New secrets were unveiled about our own origin today at the Cradle of Humankind in Maropeng as the fossil discovery of Homo Naledi was revealed to the public. The discovery was first made in October 2013 during the Rising Star Expedition, a relatively short excavation where a team of “underground astronauts” recovered the extensive collection of 1550 hominin specimens. Representing at least 15 individuals with most skeletal elements repeated multiple times, this is the largest assemblage of fossil human relatives ever discovered on the African continent.
Homo Naledi (naledi meaning star in SeSotho) is the new species in our family tree. Although scientists can`t confirm the exact age of these fossils, the next task will be to date the remains for more information. They are described as being similar in weight and size of a small modern human; with their teeth, feet and hands being the most human-like. The skull is relatively small and the brain is only a 3rd of the size of our brains today.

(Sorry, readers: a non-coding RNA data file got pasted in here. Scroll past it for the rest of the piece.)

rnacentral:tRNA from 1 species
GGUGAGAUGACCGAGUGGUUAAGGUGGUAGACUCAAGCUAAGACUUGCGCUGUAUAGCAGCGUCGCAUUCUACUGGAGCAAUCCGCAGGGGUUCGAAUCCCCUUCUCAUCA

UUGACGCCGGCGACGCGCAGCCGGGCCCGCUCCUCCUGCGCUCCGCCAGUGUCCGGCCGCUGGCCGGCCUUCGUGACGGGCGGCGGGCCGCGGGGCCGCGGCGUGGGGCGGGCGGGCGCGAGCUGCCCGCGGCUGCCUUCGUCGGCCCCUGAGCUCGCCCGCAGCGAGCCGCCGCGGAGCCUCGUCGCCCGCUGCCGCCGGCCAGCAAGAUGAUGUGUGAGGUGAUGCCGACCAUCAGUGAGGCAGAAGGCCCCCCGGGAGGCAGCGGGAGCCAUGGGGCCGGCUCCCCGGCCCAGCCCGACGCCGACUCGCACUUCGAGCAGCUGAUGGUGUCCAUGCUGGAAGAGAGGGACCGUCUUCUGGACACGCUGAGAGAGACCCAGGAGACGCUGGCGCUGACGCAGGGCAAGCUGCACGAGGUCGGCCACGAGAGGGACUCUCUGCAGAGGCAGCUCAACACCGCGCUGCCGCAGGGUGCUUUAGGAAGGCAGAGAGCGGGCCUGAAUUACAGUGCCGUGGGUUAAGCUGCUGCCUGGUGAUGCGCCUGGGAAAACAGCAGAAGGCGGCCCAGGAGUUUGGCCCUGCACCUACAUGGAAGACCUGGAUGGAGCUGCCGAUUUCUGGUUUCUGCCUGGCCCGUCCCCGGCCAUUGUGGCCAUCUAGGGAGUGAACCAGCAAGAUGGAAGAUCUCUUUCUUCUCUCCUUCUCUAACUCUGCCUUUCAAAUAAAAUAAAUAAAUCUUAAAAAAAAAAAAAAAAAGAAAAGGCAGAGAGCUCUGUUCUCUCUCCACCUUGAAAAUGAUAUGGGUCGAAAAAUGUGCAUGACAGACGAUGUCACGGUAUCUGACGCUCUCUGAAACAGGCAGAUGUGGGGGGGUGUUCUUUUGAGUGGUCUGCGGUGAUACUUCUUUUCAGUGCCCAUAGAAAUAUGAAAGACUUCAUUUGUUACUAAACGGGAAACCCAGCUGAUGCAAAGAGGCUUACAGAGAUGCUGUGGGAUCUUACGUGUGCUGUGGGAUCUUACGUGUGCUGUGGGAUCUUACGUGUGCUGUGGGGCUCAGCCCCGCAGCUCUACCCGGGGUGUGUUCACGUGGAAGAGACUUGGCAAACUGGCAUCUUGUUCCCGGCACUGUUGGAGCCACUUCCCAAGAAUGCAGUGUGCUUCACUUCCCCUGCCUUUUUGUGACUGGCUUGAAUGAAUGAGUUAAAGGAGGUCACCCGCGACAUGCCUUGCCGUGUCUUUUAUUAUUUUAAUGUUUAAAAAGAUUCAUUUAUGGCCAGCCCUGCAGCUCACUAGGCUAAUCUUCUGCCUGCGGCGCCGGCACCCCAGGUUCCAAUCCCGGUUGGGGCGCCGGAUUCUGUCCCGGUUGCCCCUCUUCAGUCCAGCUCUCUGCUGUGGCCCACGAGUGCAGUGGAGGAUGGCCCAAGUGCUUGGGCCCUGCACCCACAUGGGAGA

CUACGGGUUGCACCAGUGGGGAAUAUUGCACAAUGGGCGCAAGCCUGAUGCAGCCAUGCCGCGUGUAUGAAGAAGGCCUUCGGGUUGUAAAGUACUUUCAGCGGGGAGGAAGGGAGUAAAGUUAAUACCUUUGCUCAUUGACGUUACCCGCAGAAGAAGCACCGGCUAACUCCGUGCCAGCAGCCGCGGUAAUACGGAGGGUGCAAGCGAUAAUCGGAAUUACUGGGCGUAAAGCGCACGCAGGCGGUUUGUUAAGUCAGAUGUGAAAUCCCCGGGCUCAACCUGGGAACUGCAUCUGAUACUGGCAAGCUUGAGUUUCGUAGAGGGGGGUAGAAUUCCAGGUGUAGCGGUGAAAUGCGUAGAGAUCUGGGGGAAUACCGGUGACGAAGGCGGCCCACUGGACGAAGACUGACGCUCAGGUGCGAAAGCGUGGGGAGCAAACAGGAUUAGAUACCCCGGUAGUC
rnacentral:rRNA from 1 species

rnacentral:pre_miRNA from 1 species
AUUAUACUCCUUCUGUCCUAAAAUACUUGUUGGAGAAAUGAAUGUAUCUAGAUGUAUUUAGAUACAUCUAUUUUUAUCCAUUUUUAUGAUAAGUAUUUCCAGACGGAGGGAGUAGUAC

Inside Dinaledi (chamber of stars) only hominin fossils were found. There was no evidence of fighting, killing or cannibalism inside. There was also no evidence of bite-marks that would suggest they were dragged inside by carnivores. There was no evidence of any catastrophe or that they could have been washed in by water. Furthermore, there was no sign that they lived inside the cave.
So what exactly does this mean, how did they get there and why?
“This is the first time in all of history that human beings have encountered a non-human species that deliberately disposes of its dead,” Professor Lee Berger.
The historic fossils will be on public display for one month from 11 September till 11 October 2015 at Maropeng.